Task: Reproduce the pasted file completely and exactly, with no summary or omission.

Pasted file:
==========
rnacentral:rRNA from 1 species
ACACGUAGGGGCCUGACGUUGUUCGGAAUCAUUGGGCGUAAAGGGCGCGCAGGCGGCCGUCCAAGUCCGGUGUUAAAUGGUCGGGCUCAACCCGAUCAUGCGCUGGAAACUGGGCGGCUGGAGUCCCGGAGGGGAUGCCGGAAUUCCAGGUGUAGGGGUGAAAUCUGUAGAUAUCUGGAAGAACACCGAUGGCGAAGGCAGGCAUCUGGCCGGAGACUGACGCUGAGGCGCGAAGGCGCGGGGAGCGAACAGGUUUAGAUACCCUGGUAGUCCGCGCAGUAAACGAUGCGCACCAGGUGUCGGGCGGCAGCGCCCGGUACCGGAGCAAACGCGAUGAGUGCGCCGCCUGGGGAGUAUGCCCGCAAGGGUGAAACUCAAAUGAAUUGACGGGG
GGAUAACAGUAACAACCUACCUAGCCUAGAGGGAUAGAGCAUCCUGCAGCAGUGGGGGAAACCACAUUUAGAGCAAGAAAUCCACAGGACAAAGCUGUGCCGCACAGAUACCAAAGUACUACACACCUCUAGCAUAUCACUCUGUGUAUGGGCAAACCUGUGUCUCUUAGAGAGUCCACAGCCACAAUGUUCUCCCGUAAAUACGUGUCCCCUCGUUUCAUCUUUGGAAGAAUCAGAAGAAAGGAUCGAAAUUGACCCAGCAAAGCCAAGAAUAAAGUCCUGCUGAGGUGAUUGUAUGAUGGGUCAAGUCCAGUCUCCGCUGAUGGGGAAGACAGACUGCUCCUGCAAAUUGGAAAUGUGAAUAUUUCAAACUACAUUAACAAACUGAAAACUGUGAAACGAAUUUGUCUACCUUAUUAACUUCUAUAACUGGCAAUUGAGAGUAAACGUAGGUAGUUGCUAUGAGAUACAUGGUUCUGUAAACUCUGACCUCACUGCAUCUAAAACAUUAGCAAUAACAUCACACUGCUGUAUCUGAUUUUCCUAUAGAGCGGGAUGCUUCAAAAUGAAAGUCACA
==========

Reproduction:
rnacentral:rRNA from 1 species
ACACGUAGGGGCCUGACGUUGUUCGGAAUCAUUGGGCGUAAAGGGCGCGCAGGCGGCCGUCCAAGUCCGGUGUUAAAUGGUCGGGCUCAACCCGAUCAUGCGCUGGAAACUGGGCGGCUGGAGUCCCGGAGGGGAUGCCGGAAUUCCAGGUGUAGGGGUGAAAUCUGUAGAUAUCUGGAAGAACACCGAUGGCGAAGGCAGGCAUCUGGCCGGAGACUGACGCUGAGGCGCGAAGGCGCGGGGAGCGAACAGGUUUAGAUACCCUGGUAGUCCGCGCAGUAAACGAUGCGCACCAGGUGUCGGGCGGCAGCGCCCGGUACCGGAGCAAACGCGAUGAGUGCGCCGCCUGGGGAGUAUGCCCGCAAGGGUGAAACUCAAAUGAAUUGACGGGG
GGAUAACAGUAACAACCUACCUAGCCUAGAGGGAUAGAGCAUCCUGCAGCAGUGGGGGAAACCACAUUUAGAGCAAGAAAUCCACAGGACAAAGCUGUGCCGCACAGAUACCAAAGUACUACACACCUCUAGCAUAUCACUCUGUGUAUGGGCAAACCUGUGUCUCUUAGAGAGUCCACAGCCACAAUGUUCUCCCGUAAAUACGUGUCCCCUCGUUUCAUCUUUGGAAGAAUCAGAAGAAAGGAUCGAAAUUGACCCAGCAAAGCCAAGAAUAAAGUCCUGCUGAGGUGAUUGUAUGAUGGGUCAAGUCCAGUCUCCGCUGAUGGGGAAGACAGACUGCUCCUGCAAAUUGGAAAUGUGAAUAUUUCAAACUACAUUAACAAACUGAAAACUGUGAAACGAAUUUGUCUACCUUAUUAACUUCUAUAACUGGCAAUUGAGAGUAAACGUAGGUAGUUGCUAUGAGAUACAUGGUUCUGUAAACUCUGACCUCACUGCAUCUAAAACAUUAGCAAUAACAUCACACUGCUGUAUCUGAUUUUCCUAUAGAGCGGGAUGCUUCAAAAUGAAAGUCACA